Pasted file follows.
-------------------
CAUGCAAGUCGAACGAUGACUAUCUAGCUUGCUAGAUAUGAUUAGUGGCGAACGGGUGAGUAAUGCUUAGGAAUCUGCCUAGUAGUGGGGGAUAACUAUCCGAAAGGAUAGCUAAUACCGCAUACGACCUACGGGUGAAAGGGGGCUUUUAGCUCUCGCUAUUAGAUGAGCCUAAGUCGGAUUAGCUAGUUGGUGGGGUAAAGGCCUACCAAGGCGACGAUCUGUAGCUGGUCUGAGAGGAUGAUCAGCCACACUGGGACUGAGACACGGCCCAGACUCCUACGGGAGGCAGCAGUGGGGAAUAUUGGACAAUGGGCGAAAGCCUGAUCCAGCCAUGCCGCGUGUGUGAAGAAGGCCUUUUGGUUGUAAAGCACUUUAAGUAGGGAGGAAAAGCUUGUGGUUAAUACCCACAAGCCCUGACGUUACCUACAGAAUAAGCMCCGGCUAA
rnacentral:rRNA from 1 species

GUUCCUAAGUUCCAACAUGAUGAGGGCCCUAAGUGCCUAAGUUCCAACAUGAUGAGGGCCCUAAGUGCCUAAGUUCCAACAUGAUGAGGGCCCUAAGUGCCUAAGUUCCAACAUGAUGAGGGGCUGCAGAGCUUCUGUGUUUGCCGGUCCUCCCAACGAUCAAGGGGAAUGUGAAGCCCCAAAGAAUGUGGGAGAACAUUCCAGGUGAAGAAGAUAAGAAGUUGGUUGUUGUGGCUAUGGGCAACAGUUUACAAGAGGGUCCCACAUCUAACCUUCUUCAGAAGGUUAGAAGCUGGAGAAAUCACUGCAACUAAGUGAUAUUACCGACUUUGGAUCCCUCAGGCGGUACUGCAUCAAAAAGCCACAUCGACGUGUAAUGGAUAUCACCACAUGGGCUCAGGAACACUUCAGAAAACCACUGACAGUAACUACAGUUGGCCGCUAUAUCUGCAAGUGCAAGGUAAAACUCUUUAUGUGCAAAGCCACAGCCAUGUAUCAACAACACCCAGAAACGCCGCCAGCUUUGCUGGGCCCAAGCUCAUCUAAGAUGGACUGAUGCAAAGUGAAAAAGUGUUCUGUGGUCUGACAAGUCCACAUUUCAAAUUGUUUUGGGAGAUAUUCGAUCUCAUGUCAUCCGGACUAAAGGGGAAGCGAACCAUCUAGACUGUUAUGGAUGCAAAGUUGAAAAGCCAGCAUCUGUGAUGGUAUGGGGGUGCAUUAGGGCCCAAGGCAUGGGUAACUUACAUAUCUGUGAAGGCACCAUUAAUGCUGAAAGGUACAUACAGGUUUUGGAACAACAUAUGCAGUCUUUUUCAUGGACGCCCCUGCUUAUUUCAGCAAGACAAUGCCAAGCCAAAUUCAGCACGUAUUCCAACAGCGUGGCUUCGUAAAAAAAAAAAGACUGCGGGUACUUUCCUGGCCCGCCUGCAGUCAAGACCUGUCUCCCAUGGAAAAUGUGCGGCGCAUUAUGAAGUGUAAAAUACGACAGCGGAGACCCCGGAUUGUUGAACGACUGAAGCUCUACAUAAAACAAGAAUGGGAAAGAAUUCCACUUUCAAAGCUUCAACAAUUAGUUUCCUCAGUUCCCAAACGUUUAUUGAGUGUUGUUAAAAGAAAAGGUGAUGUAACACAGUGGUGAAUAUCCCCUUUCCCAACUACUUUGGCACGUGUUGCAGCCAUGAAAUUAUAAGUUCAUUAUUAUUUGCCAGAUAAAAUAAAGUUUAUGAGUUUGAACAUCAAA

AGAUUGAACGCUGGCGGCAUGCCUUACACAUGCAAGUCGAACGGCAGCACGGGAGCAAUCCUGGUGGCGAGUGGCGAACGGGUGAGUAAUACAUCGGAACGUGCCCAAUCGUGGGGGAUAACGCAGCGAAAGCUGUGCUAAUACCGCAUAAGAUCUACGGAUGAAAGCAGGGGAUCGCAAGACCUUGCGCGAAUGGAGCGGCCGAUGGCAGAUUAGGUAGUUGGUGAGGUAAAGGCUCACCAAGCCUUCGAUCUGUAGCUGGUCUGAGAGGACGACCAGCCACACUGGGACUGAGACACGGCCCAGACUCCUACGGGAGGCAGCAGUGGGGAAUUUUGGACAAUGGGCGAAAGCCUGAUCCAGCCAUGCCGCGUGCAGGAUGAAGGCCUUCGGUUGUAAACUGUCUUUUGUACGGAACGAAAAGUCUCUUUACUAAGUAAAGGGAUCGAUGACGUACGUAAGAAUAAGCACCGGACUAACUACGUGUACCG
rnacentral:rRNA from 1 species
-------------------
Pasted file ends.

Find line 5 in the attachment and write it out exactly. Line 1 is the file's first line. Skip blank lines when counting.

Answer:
rnacentral:rRNA from 1 species